Over lunch the other day with friends — all in the newspaper business — I mentioned that I occasionally speak at writers’ conferences.
“Everyone has a book in ’em,” I said. This is something I truly believe, but they all looked surprised. “They do,” I insisted. “Everyone has a story to tell that is interesting enough to be read by others.”
As Oliver Wendell Holmes Sr., poet and doctor, once said, “I have tasted the intoxicating pleasure of authorship.”
Many long to do it, but they never follow through.
I’m not saying that most people are good writers. That would not be true. But I do believe that everyone has a story to tell, and telling it well becomes a practice — as does being bold enough to tell it.
Richard Paul Evans — Rick to his friends — is the subject of one of my favorite stories. He’s an ordinary man who found extraordinary success with what he thought was a one-time-only book. It was a story for his young daughters that Rick wrote to entertain them.
“I wanted them to know the depths of my father’s love for them,” he told me. He self-published a few copies, and local stores in his native Utah starting selling it. The book developed a life of its own. Rick, a most likeable guy, is smart and hard working, too. He kept marketing the book.
Lo and behold, “The Christmas Box” became the first self-published book in history to make the coveted New York Times best-seller list. That led to an auction among publishers that resulted in a multi-million-dollar book deal — the largest advance ever paid to a first-time novelist at that time.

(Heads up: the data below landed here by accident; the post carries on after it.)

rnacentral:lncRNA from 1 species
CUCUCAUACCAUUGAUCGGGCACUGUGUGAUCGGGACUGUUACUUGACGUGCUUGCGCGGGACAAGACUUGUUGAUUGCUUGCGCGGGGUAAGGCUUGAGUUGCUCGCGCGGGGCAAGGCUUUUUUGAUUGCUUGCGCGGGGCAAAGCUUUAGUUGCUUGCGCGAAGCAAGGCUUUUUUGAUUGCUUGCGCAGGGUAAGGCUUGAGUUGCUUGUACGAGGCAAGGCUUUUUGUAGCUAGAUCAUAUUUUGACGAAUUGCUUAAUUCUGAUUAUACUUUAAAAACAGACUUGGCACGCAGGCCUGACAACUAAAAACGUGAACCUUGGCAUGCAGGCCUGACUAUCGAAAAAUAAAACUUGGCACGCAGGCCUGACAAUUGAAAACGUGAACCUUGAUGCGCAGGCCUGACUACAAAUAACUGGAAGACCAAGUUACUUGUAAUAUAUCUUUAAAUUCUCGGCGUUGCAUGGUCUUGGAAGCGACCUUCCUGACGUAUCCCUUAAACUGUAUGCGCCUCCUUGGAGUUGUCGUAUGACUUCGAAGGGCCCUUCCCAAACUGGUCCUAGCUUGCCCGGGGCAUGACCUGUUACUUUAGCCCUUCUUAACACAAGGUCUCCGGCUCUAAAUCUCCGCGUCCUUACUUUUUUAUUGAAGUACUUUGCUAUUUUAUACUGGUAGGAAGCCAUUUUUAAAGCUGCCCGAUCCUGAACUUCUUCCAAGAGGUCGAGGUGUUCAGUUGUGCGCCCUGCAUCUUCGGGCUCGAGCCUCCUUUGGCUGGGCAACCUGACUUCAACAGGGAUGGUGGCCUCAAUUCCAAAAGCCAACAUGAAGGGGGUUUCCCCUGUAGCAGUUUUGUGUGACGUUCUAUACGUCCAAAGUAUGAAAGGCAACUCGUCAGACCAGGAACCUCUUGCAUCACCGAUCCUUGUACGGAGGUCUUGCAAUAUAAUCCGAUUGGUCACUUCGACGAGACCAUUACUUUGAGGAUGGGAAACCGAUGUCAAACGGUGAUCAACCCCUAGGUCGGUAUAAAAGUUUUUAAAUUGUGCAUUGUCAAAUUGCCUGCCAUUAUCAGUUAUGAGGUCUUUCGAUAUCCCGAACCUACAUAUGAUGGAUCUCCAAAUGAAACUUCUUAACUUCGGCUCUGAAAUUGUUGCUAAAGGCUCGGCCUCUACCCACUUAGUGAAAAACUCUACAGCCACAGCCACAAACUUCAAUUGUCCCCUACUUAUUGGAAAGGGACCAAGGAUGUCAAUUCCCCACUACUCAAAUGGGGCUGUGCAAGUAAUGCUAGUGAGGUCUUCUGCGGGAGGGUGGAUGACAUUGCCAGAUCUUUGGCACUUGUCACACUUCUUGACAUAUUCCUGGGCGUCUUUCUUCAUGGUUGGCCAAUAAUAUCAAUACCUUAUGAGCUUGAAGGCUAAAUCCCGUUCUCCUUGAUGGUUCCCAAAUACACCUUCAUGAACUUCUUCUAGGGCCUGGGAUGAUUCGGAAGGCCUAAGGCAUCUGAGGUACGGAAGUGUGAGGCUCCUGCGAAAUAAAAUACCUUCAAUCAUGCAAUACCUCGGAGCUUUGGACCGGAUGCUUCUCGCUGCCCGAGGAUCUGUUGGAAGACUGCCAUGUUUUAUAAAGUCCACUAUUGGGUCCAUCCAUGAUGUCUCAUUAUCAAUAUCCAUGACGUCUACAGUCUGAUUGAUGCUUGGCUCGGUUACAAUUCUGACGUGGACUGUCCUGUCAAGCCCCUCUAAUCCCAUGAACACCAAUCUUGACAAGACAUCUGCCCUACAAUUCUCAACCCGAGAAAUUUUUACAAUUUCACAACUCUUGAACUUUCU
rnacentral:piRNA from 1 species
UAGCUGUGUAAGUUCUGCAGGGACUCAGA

That book became an international best-seller and has sold millions of copies. It even accomplished the incredible feat of simultaneously being No. 1 on the NYT’s paperback and hardcover lists. Rick has gone on to write many best-sellers.
My friend, Dottie Benton Frank, was married and living in New York when her childhood home on Sullivan’s Island in South Carolina came up for sale. She begged her husband to buy it and he refused.
“It made me so mad,” she recalled. “He could have bought it with just the change that fell into the sofa. He had the money, but he wouldn’t do it.”
Dottie, who knew the apparel industry but seemingly nothing about writing books, up and decided she would write a book, sell it and make enough money to buy her childhood home. It sounds almost absurd. Her first novel, fittingly named “Sullivan’s Island,” became a runaway best-seller, the likes of which was almost hard to imagine. It was a phenomenal success that has led to countless best-sellers. And, yes, she bought that home on Sullivan’s Island.
Jeff Foxworthy, a struggling comedian with a little book of redneck jokes, was turned down by every publisher possible. Finally, a small Atlanta publisher said he would publish it for $1,500. Jeff froze.
“I thought he was asking me to pay him $1,500, and I didn’t have that kind of money!” he said. It was, however, an advance for a book that went on to sell more than 4 million copies.
These are examples of three friends who hit it big with their books, but I am equally proud of Janet Spurr, a Bostonian by birth and accent, who made up her mind 10 years ago to publish a book of essays about life on the beach. It is called “Beach Chair Diaries.” She self-published and, using her talent as a sales person, put it in stores across her native state and did endless appearances to sell the book. It never made a best-seller list, but for a decade, she has plugged and it keeps selling. I think I am proudest of her. She had a dream and she made it happen.
You can do the same. I hope you will.
Rich is the author of “There’s A Better Day A-Comin.’” Go to www.rondarich.com to sign up for her newsletter.